Probably not. Here is what the expert report concluded:
If IHL provides an implied power to intern in NIAC and IHRL does not exclude it per se, the debate is then narrowed to the question of the parameters of such a power and how it may be practically exercised. Participants were of the view that, taking into account the exceptional nature of internment as recognized under both IHL and IHRL, any internment must be “necessary” for “imperative reasons of security” (meaning directly related to the armed conflict). There was also agreement that there must be “lawful authority” or a “legal basis” to intern and that internment can only be ordered on “permissible grounds” under international law. Finally, there was agreement that, leaving aside the issue of habeas corpus under IHRL, some form of review mechanism to initially and then periodically assess the lawfulness of internment (i.e. whether it is or remains necessary for security reasons and whether there is a legal basis) is required. The burden of demonstrating the necessity of continued interment is on the interning authorities.
And here is what the report said about “imperative reasons for security”:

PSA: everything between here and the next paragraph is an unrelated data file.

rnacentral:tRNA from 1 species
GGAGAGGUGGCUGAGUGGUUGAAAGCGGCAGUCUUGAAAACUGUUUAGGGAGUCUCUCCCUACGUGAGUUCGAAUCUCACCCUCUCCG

In the discussion, participants coalesced around a two-tiered test to assess whether an individual presents a sufficient threat to allow his or her internment. The first element of the test is whether, on the basis of his or her activity (which as such is not necessarily criminally prosecutable), it is “highly likely” or “certain” (the threshold is unclear) that he or she will commit further acts that are harmful (directly and/or indirectly, the threshold is unclear) to the interning Power and/or to those whom the interning Power is mandated to assist or protect, such as the host nation, the civilian population or public order (the threshold is again unclear). The second element of the test is whether internment is necessary to neutralize the threat posed. It was stressed that if the interpretation of “imperative reasons of security” as the permissible ground for internment is too wide, there is a risk of abuse. The security threat must be assessed on an individual basis and the decision to intern (as distinct from the decision to capture) must be taken at a sufficiently high level of command to allow for an adequate assessment of both the threat and the necessity to intern in light of the context and available alternatives.